The Righteous Sentences of Julia Ward Howe

Nicknamed the “Queen of America” in the nineteenth century, Julia Ward Howe (1819-1910) goes often unremembered in ours. Elaine Showalter’s new biography , The Civil Wars of Julia Ward Howe, aims to recollect reasons for her public acclaim while uncovering her private marital distress.   The most beautiful and accomplished daughter of a New York banker, [Read More…]

For Prospective Graduate Students: How to Interview Better

I didn’t have to interview for graduate school. I did visit the campuses of my top choice schools, but it was very informal. The only graduate students and professors I met were the ones I had contacted in advance. I didn’t even meet the professor who became my adviser until after starting the program because [Read More…]

Remember that you are dust

All of my children got ashes on the forehead before getting washed with the waters of baptism. This is probably common, depending on local protocols of baptism or Ash Wednesday, which more American Protestants now observe as an edifying if not essential rite. Our Anglican church schedules baptisms for the Easter vigil, so our kids [Read More…]

Deciding about College

The season has arrived when many graduating high-school seniors and their parents begin to make decisions about college for next fall. Certainly, many considerations go into a decision of this magnitude, and no simple formula applies to all. Even so, as someone in the academic world, permit me suggest ten questions that thoughtful Christian (or [Read More…]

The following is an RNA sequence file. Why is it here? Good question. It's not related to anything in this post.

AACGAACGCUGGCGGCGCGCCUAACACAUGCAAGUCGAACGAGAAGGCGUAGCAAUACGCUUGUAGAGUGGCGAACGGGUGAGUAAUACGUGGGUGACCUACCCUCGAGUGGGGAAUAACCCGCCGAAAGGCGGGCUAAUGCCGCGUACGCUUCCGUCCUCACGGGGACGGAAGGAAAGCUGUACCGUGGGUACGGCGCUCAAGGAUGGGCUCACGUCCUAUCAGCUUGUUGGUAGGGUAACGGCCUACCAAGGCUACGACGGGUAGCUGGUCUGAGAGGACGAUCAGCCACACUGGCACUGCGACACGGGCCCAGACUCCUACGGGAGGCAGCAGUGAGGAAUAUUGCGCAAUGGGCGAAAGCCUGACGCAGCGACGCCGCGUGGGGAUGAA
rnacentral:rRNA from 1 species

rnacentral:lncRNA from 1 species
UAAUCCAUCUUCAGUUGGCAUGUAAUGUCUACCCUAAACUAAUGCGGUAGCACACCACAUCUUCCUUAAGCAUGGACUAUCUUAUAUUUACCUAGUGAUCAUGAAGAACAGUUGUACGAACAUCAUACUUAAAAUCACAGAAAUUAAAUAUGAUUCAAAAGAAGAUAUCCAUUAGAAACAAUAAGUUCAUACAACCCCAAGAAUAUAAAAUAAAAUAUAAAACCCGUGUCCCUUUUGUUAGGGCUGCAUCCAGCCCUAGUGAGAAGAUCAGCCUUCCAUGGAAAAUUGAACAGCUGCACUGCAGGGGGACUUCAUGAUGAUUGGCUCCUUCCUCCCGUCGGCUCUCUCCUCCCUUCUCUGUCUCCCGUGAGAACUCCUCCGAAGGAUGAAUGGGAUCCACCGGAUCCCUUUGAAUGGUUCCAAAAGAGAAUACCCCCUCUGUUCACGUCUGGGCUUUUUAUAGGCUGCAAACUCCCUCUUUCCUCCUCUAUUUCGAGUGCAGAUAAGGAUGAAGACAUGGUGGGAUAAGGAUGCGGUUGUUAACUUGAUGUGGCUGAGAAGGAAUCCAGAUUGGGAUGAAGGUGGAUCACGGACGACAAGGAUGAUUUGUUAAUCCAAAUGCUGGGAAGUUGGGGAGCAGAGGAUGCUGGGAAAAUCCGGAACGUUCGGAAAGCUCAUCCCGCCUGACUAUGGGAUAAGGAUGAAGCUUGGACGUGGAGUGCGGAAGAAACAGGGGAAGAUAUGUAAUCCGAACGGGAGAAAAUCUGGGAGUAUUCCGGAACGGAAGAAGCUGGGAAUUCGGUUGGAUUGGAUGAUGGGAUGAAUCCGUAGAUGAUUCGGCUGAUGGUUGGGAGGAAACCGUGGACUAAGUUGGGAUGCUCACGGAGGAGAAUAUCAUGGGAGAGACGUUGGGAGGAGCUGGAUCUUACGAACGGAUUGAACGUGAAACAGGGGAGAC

Drawn to the Women Saints

“I am not Catholic, and yet I find myself drawn to the women saints,” admits Jessa Crispin in a recent New York Times op-ed.  Crispin is not alone in this fascination, nor should she be.  She touts St. Teresa of Avila (1515-1582) as independent woman, one engaged in meaningful work rather the traditional woman’s lot [Read More…]

Remembering the Massacres of Innocents

Lately, the nation has rightly focused on the jihadist massacres in Beruit, Paris, and San Bernardino. But the presents roughly marks the two-year anniversary of our own homegrown terrorism committed in Newtown, Connecticut. Since December 28 is the Feast Day of the Holy Innocents, permit this re-posting from the Anxious Bench archives: The senseless tragedy [Read More…]

Museum Catechesis

The tourist arrives in a city like Florence, Italy, ready to gape at the Renaissance. Though postured to appreciate it, book in hand and eyes directed up, he might find himself at a loss, like the man ahead of me at the Florentine baptistery who, under the mosaic of Christ Pantocrator, asked the Italian leading [Read More…]

Religious Conviction and “Altruistic Evil”

The murders in Beirut, Paris, and San Bernardino raise many questions, but few are as haunting and recurring as this one: how in the name of religious conviction can acts of such ghastly violence be committed? Sadly, this might well be the defining riddle of our age. But it’s an old one and many explanations [Read More…]

You are not still working on that

Though Thanksgiving is rooted in real historical events, intentional misremembering of those events is a big part of our holiday observance.   In his new documentary about the Pilgrims, Ric Burns rues the way we “forget almost everything actual about the Pilgrims when we sit down to eat turkey on Thanksgiving.” What we honor as authentic [Read More…]

India Today and Hindu Nationalism

After traveling in the United States, G. K. Chesterton famously described America as “a nation with the soul of the a church.” Something akin to this could be said of India, but to church one must quickly add Buddhist stupa, Jain mandir, Sikh gurdwara, Parsi dar-e mihr, Muslim mosque, and, not least, Hindu temple. Indeed, [Read More…]


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